The second: During the attacks in Mumbai, I logged on to search.twitter.com, searched via "#mumbai" and was captivated by a continuous stream of tweets from people who were right there in the streets of a city under siege. I had CNN on at the time, but my Twitter feed was at least 10 minutes ahead of CNN. I knew Twitter, and I was powerful! Maybe no one wanted to read my tweets, but I was part of a community of people who were faster and hipper and more in the know than everyone else.
Phase Three: Learning. Since Communispace's job is to help companies listen to their customers, I decided to practice what we preach and just listen to what people were saying in the Twitterverse. I went to MrTweet, a service for making Twitter connections, and found scores of fascinating people to follow: marketers, social media experts, professors, journalists, scientists, politicians and even professional baseball players (@nickswisher, although he's on the wrong team). I followed those people, and, amazingly, most of them followed me back. This was getting more interesting.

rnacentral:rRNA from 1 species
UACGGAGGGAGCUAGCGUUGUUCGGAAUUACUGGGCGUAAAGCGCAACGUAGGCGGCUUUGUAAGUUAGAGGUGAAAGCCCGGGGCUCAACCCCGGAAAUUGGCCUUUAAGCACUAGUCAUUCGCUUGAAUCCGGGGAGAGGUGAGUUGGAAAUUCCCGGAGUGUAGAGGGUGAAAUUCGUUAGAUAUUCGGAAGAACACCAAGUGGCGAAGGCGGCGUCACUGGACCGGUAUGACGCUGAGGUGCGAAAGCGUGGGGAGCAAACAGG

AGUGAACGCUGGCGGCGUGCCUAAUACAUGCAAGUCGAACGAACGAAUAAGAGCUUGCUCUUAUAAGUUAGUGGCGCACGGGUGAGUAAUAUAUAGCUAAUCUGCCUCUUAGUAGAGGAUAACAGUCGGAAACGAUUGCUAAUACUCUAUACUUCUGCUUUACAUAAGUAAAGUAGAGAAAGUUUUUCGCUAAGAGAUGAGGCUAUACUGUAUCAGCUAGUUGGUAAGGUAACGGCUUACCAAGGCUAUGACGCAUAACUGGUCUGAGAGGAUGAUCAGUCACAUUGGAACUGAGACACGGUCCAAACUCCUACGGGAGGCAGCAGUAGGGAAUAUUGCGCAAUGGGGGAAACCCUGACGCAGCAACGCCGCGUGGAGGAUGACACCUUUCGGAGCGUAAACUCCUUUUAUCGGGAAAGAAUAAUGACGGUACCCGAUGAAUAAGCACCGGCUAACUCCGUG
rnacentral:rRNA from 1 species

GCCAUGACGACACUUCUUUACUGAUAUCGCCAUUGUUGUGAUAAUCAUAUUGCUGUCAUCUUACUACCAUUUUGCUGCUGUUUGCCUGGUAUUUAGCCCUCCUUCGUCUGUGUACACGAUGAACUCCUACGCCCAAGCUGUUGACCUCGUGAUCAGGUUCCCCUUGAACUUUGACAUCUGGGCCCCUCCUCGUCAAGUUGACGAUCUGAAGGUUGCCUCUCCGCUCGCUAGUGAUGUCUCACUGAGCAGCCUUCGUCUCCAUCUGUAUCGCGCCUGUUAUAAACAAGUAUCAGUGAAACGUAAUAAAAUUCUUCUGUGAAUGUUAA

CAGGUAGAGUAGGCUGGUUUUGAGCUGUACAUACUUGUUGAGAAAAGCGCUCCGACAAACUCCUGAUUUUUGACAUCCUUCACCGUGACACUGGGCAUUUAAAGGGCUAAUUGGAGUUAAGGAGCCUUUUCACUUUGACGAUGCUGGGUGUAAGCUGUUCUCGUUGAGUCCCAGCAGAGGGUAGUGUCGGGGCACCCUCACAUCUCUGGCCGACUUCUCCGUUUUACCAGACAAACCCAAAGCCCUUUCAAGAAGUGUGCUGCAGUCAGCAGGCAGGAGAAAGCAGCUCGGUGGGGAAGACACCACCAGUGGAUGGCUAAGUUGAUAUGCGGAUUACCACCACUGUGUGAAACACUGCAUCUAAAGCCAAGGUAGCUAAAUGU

I started to become aware of who had new ideas (@stevebaker), who was inspiring (@skap5), who made me laugh (@OhowFUN), who was provocative (@amandachapel), who listened hard to what I had to say (@nejsnave), who was making me a better CEO (@zappos), who was helping me understand the field (@jowyang) and who just wrote links to his own news articles but wasn't really there (@andersoncooper). I made new friends (@womenkind), learned more about a smart client (@bestbuycmo) and found research to quote (@joelrubinson).